There were increasing studies reporting on the involvement of HPV DNA in breast cancer in recent years, but the conclusions remained to be highly controversial. Di Lonardo et al. [11] first reported the detection of HPV16 DNA in 29% of 17 patients with breast cancer by polymerase chain reaction (PCR). De Villiers et al. [12] found HPV DNA in 86% of breast cancers (25/29) and in 69% of the corresponding nipple sample (20/29). HPV11 was detected as the most prevalent type, followed by HPV type 6. Only 12% of the samples displayed signal of HPV16, while HPV18 was failed to be found in all samples. HPV infection was also reported in breast cancer by some other studies [13][15]. However, several other studies failed to detect any signals of HPV in breast cancer cells [16][17]. Beyond that, Wrede et al. [18] recruited 95 women suffering from breast cancer and screened HPV 6b, 11, 13, 16, 18, 30, 31, 32, 33, 45, and 51. , but they didn't find any signal of HPV infection.

Previous studies were mostly based on PCR based approach, in which unique primers targeting HPV genes were designed to screen the existence of virus DNA. This strategy is easy to access and screen in large number of samples, but limited in sensitivity and specificity, thus probably contribute to so many controversial studies. Here, we adopted the sequence capture and MPS method to detect the signal of HPV DNA fragment which also provided unique opportunity to study HPV variations in its whole genome level. The study validated the efficiency of the novel method in breast cancer and discovered HPV DNA can be detected in blood, tumor tissue, adjacent lymph nodes and adjacent normal tissue of breast cancer patient, furthermore analyze the variations among them.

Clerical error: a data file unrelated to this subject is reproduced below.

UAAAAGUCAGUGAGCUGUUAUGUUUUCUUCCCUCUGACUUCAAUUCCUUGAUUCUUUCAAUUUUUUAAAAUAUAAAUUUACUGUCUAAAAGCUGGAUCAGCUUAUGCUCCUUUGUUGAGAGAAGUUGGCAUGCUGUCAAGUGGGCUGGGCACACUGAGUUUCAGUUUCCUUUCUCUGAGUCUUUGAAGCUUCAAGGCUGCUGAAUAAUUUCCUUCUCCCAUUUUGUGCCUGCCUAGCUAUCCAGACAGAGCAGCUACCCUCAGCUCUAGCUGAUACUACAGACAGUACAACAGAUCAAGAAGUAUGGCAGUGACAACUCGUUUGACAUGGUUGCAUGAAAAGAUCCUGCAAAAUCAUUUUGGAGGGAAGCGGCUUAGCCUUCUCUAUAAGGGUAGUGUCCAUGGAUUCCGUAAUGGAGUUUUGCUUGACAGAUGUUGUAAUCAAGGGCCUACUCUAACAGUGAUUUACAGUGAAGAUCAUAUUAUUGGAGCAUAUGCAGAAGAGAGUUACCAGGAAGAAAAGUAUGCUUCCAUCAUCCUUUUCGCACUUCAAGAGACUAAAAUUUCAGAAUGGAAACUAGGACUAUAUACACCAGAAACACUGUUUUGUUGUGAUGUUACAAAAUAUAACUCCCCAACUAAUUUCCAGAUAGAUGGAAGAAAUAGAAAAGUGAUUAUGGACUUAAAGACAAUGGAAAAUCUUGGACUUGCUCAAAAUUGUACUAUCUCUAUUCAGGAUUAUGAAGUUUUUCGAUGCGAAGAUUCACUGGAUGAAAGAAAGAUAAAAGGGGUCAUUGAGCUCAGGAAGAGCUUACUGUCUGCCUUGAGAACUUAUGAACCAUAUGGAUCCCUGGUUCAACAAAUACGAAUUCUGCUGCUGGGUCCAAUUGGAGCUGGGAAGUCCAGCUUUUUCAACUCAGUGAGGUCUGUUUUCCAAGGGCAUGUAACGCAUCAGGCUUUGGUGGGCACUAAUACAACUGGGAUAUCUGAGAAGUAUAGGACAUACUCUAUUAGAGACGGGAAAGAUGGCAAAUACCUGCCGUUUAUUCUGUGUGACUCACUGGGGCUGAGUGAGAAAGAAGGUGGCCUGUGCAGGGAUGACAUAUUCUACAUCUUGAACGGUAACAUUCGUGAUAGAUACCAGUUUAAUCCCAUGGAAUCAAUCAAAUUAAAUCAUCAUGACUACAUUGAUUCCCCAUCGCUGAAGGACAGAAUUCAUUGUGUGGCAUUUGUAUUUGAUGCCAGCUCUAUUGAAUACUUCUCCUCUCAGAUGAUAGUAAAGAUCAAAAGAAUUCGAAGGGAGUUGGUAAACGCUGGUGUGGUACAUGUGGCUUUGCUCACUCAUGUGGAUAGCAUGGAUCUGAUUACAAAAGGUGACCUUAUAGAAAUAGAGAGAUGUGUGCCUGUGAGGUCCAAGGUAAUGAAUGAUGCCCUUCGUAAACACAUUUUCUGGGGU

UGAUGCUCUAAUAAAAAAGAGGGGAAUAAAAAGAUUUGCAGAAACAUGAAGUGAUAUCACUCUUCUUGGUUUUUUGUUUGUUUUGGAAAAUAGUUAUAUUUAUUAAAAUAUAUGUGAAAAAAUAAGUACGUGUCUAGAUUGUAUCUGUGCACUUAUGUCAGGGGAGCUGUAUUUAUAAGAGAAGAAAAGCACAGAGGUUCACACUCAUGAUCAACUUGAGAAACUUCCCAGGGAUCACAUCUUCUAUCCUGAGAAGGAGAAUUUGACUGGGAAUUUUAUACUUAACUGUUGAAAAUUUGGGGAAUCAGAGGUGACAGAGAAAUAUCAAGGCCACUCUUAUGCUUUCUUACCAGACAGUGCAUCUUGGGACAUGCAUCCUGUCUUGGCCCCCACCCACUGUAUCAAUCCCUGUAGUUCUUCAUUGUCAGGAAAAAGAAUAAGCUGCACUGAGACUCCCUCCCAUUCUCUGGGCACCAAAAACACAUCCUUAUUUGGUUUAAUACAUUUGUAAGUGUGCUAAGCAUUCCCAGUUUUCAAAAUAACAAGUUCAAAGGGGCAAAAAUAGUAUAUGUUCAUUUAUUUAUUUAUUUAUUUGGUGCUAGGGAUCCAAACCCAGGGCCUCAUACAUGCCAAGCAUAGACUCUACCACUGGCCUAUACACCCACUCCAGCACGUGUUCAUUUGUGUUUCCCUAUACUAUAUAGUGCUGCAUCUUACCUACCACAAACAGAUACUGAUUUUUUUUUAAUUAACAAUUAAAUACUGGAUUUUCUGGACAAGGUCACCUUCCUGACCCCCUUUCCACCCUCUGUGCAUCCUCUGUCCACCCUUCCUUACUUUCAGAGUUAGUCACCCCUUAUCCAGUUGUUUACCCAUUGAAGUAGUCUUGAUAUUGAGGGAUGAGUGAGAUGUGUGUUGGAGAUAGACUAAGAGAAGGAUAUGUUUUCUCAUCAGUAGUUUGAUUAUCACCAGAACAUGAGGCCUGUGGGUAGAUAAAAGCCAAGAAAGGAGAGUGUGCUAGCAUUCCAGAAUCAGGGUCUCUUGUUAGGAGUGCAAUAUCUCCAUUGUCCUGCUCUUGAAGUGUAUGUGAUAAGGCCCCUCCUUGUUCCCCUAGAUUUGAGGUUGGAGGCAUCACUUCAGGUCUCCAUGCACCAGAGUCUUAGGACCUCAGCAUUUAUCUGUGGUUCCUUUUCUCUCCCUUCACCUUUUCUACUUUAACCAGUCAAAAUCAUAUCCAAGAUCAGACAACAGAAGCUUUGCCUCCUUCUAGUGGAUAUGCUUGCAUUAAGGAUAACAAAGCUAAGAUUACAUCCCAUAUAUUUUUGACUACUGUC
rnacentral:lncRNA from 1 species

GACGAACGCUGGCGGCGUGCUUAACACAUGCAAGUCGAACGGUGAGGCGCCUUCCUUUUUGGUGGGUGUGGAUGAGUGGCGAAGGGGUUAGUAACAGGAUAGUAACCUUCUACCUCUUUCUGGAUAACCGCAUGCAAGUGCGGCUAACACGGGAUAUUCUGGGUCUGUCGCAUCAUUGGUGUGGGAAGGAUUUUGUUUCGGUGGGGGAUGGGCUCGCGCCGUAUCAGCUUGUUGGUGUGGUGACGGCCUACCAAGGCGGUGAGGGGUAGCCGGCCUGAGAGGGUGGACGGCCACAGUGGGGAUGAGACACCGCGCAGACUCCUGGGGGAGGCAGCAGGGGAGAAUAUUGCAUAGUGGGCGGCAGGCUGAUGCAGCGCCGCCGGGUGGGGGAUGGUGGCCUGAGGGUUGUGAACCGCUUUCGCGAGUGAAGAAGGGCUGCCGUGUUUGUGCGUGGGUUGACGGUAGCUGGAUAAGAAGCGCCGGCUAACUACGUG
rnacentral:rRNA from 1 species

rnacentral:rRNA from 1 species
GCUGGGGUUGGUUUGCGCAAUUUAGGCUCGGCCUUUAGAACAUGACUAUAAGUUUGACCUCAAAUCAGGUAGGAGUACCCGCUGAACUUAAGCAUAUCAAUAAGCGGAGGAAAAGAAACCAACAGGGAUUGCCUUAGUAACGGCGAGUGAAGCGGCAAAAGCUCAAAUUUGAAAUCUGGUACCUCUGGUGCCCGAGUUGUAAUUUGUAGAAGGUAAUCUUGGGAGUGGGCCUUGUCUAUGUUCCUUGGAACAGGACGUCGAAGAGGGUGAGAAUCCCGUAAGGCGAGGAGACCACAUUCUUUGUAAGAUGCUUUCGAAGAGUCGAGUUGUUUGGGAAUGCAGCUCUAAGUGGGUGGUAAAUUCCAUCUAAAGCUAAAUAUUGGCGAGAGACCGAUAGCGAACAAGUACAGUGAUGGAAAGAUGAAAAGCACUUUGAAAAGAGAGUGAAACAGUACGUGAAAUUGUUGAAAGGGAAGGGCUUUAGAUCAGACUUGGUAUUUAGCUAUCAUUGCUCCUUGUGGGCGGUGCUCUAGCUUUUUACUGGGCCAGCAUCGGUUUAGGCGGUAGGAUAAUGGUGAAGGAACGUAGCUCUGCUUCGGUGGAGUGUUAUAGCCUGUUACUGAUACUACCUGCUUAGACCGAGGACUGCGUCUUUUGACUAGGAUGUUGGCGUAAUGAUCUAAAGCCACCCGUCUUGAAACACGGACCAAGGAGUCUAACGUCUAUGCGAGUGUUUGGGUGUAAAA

In this study, we not only provided an efficient method to capture HPV DNA in tissues of breast cancer patients, but also found HPV SNVs difference in the samples. This provided new insight in studying the association between HPV infection and breast cancer.

Material and Methods

Material

9 sets of breast cancer samples were collected respectively from 9 female patients and received surgery at the department of vascular and endocrine surgery, Xijing hospital, the Fourth Military Medical University, China, between October 2010 and October 2011 (Table S1). Exclusion criteria were: 1. systemic therapy prior to surgery, 2. bilateral breast cancer, 3. metastatic or recurrent disease, 4. cancer of other origin. Adjuvant therapy was based on current NCCN (National Comprehensive Cancer Network) guidelines. In addition, In order to evaluate the accuracy of our method, 15cervical cancer samples were also collected from Xijing hospital (Table S2). Written Informed consents were obtained from each patient. All aspects of this study were reviewed and approved by the institutional review board at the Xijing Hospital and BGI.